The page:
Gottfried Jäger - Ex-Machina: A History of Generative Art London Wednesday, July 13, 2022 | Phillips

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  • Gottfried Jäger began to use the term “generative photography" to describe the photographic process as a logical, mathematical language: a “generative" system.

     

    The term “generative aesthetics” was defined by German philosopher Max Bense in 1965 as the deliberate and methodical production of aesthetic structures, on the basis of precisely defined (mathematical) programs with the aid of technical equipment.

     

    Based on this theoretical background and on Noam Chomsky’s theory of generative grammar, Jäger also views photography as a methodology of a language with a syntax and a visual grammar that is not used in an illustrative manner, but rather makes visible a structure conceived by the artist.

     

    In 1968 Jäger invited Kilian Breier, Hein Gravenhorst and Pierre Cordier to exhibit in Generative Fotografie at Kunsthalle Bielefeld, where he inaugurated the term and the theory of generative photography. Breier exhibited permutational photograms, Gravenhorst showed his photomechanical transformations, Cordier his chemigrams and Jäger his pinhole structures. Although at first glance one would classify these works of art as experimental photography, they differed in their precise structure. This was the beginning of one of the most fundamental movements in post-war photography.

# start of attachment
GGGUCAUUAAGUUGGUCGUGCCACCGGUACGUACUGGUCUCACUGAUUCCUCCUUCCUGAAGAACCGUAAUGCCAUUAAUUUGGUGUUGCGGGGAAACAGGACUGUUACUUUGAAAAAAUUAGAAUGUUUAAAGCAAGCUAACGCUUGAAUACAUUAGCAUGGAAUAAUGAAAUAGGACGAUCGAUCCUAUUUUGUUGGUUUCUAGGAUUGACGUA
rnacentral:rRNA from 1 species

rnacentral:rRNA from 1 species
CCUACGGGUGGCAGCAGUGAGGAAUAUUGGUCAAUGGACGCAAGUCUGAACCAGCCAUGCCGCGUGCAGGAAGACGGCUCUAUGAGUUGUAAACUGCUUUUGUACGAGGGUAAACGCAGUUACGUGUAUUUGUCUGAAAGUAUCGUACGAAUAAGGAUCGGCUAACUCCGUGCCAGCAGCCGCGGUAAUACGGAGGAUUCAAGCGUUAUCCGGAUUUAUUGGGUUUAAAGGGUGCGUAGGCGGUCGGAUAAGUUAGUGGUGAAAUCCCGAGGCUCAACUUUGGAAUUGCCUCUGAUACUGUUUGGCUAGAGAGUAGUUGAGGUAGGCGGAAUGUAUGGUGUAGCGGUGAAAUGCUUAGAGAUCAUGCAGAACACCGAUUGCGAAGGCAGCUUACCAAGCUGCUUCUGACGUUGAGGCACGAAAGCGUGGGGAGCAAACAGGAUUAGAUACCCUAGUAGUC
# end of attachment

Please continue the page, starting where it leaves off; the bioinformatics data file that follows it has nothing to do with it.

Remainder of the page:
Jäger used a self-made camera obscura for his Lochblendenstruktur (Pinhole Structures) and created around 300 works based on this principle from 1967 to 1973. Pinhole Structures are based on rational aesthetics and information theory, all influenced by cybernetics and the ideas of constructivism. The title Lochblendenstruktur (Pinhole Structure) 3.8.14 D 3.1 refers to a program how to use the pinhole camera obscura and especially implies that this aesthetic structure could be re-created anytime by using the same instructions.

     

    The Pinhole Structures have been exhibited in major computer art exhibitions in the 1960s, such as Tendencije 4 at Galerija suvremene umjetnosti in Zagreb, and have become one of the most recognizable examples of computer art.

     

     

    • Provenance

      The artist

12

Lochblendenstruktur 3.8.14 D 3.1

titled, dated, numbered and signed 'Lochblendenstruktur 3.8.14 D 3.1, 1967 (3/3) (vintage) G. JÄGER' on the reverse
gelatin silver print
51.2 x 49.4 cm (20 1/8 x 19 1/2 in.)
Executed in 1967, this work is number 3 from an edition of 3.

Full Cataloguing

Estimate
£15,000 - 20,000 

Sold for £18,900

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Ex-Machina: A History of Generative Art

Online Auction 13-20 July 2022